“Vanity has ever been my failing, some humorous adventures that happene as it is said to be that of my breibren ; ed to me in that fine country. I must therefore own, that the Lord of “ I now began to compose music ; Pequigny was far from considering me and should you ever visit Poitiers, you as a first-rate performer ; on the con- may hear several of my innocent airs trary, he told me that I played very sung in the villages. I believe I should

Vol. 4.]

The Minstrel of Bruges.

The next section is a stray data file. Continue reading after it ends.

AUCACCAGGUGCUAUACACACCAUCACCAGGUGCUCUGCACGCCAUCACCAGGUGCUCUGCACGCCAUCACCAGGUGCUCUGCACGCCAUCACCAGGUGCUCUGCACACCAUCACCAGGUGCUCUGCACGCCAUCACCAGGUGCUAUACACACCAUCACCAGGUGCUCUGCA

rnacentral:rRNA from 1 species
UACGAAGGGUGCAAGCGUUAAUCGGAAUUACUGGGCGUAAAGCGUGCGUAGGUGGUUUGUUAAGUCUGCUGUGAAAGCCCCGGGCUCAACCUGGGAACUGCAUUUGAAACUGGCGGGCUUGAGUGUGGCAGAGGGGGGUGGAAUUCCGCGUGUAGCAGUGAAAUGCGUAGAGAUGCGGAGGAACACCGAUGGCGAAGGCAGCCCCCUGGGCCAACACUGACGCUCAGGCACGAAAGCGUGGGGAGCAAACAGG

have made my fortune in that province, discourteous for a Minstrel.--"Do you had not my ruling passion for travelling hear this wretched Flemish bagpiper, caused me to leave it. I traversed who dares to insult a woman whose Languedoc and Provence, where the sole misfortune has been caused by her johabitants have so much wit, and such weakness in marrying him? Accursed eagerness to show it, they never wait to be the fatal moment when I first thought see whether others may not be equally of fixing on such a husband. If you gifted. Afraid of my success in these knew, sir, all the rambles I have been couotries, I went into Gascony ; but obliged to make with this wild sellow" that was ten times worse. Nothing, - " Softly, madam, if you please,” however, could equal the petulance of replied the Minstrel, “ it belongs to me the people of Biscay, whither I next to relate them to the gentleman. When directed my steps; but I soon fed I had married madam," continued he, from a country where every one seemed it was necessary that my pipes should bitten by a tarantula. I began to furnish us with subsistence for both. I breathe in Arragon. Here, said I to quitted Catalonia, where I gained but myself, is a wise people, who are never little, and conducted my lady to Toletoo much hurried to act or talk. I al- do, where I formed for her a handsome most thought myself in my native coun- establishment. Had she not been so try ; but I did not add to my riches extravagant in that town, and bad she there.